JT: It’s always a good idea to share your new abilities with the firm. Obviously, a paralegal should share all skills and abilities with the attorney she is working for, as it will add value to your position within the firm. Knowledgeable, highly tech-skilled paralegals are ultimately the ones in demand when the firm needs a strong player on a case. A good time to summarize and showcase these new skill sets is during a paralegals yearly review. The paralegal can share particular skills acquired and discuss how they can enhance the coming year’s work productivity.
In addition, I always find it’s a good idea to let the Human Resources department and, if your firm has one, the IT Department, know about new skills. It may be that one day your knowledge will be valuable to them, and not just to your attorney or the client. For example, I had taken training courses in the past for Pro Law, a business management software program. Our firm had decided to update our current management system at the time and Pro Law was in the running as the replacement. Because I had let my training be known, both the IT and Human Resources department came to me with questions regarding the software, it’s ease of use and practicality, and whether or not training could be facilitated for the staff. I ended up being very useful to the firm and was ahead of the game when we eventually did get the software and put it into use.
Leadership and Value
Pledge to build these pieces into your annual plan and engage with your vendors directly. For example, DLS offers assessment services to help business ensure reliable network performance, identify opportunities to reduce costs and help reveal security and intrusion vulnerabilities. No matter what your firm’s goals or budget may be in the coming year, our discovery process can help ensure your firm is protected and prepared for what lies ahead.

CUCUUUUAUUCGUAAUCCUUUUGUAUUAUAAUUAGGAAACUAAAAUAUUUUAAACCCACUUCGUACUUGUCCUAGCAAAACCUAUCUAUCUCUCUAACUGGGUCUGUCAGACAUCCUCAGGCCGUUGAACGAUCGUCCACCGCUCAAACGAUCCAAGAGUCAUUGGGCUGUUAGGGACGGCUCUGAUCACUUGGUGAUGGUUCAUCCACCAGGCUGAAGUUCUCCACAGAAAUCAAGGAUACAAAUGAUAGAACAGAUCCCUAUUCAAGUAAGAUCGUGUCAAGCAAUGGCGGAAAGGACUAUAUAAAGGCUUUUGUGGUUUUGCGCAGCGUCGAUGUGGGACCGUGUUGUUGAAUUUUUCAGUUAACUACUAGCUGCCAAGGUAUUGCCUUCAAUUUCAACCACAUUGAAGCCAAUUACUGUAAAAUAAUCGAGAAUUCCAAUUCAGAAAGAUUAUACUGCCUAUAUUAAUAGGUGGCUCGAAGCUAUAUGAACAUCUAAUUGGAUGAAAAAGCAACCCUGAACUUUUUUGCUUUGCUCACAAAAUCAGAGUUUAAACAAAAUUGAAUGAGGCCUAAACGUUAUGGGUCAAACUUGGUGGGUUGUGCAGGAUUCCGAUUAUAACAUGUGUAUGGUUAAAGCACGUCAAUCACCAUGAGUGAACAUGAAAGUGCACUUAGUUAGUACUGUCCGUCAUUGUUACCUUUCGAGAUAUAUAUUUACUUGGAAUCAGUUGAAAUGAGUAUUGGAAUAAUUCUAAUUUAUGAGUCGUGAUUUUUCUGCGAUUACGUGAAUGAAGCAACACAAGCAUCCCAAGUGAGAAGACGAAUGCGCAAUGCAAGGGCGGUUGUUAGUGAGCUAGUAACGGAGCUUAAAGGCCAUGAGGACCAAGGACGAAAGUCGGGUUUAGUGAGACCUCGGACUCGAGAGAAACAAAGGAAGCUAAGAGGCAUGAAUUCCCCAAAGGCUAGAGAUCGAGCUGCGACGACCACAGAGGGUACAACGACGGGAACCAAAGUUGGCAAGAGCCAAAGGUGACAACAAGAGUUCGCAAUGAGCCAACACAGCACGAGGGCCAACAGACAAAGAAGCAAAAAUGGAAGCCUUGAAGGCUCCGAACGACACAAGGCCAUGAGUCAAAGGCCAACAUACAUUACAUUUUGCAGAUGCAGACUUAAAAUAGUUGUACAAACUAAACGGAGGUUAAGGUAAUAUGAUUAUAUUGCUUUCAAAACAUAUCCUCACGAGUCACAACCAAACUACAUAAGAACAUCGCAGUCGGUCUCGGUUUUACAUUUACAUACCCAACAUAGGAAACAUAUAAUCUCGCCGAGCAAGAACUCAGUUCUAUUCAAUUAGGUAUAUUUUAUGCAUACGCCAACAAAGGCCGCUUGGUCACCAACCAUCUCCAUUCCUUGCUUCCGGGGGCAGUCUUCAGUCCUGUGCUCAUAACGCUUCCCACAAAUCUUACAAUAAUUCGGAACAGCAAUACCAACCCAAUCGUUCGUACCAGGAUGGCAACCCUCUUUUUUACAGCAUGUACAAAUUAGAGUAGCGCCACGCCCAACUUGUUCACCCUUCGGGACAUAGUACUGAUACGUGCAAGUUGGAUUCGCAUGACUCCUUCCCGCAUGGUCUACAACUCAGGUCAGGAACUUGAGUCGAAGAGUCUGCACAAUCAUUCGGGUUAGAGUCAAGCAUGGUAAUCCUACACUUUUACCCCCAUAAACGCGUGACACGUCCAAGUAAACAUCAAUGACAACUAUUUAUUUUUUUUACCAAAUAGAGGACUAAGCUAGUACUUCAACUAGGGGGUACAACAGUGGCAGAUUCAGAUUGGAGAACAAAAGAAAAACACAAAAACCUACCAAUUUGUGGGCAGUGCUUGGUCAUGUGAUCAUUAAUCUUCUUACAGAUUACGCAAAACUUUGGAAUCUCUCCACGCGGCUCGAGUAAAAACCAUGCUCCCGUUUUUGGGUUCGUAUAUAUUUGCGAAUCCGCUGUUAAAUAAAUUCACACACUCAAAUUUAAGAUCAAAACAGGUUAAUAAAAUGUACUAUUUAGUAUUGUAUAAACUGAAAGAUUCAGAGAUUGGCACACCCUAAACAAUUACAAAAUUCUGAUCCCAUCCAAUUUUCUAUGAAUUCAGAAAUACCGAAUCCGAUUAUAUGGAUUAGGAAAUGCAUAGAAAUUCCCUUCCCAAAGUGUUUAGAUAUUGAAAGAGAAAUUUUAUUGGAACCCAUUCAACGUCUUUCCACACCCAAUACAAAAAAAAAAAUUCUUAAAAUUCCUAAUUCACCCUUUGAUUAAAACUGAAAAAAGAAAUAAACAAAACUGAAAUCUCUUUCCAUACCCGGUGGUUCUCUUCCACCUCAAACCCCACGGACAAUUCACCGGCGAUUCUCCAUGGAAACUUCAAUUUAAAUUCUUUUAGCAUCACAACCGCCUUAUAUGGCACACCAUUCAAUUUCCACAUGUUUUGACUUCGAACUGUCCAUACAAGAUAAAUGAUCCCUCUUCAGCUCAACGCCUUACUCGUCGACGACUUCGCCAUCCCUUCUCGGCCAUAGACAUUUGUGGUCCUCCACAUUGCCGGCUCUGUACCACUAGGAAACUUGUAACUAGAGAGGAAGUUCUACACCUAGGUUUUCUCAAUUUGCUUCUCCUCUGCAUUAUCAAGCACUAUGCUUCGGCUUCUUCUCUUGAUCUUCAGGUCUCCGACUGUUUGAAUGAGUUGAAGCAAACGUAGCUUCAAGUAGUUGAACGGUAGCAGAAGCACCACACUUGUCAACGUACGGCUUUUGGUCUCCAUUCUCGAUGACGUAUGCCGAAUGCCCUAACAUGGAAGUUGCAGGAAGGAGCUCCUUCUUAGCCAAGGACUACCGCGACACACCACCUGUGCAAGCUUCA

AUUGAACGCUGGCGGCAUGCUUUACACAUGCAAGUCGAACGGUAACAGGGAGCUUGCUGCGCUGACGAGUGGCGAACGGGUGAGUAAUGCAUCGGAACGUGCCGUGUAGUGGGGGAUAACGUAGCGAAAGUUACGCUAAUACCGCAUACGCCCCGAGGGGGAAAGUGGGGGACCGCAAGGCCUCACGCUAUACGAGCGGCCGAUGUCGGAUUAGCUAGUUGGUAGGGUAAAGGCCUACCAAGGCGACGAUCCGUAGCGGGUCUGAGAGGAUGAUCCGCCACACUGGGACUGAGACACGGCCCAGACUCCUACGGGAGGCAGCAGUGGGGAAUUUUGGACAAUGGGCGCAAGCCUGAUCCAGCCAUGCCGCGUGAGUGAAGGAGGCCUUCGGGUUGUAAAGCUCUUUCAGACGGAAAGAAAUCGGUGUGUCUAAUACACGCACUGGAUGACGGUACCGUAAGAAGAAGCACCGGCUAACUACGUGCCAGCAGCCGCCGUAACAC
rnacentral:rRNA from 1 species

We are also committed to ensuring our customers are well trained and taking full advantage of all the features available to them. Your current vendors should also offer extensive support and training to help you solve real problems and better use the tools you already have. Something as simple as your phone can clearly offer a wealth of resources to help you excel, if you know how to use them properly.
Demonstrate your professionalism and showcase a proactive approach to helping guide technical decisions for your team’s success.
Read more from Jenny Tucker on The Paralegal Place and join the discussion: http://theparalegalplace.blogspot.com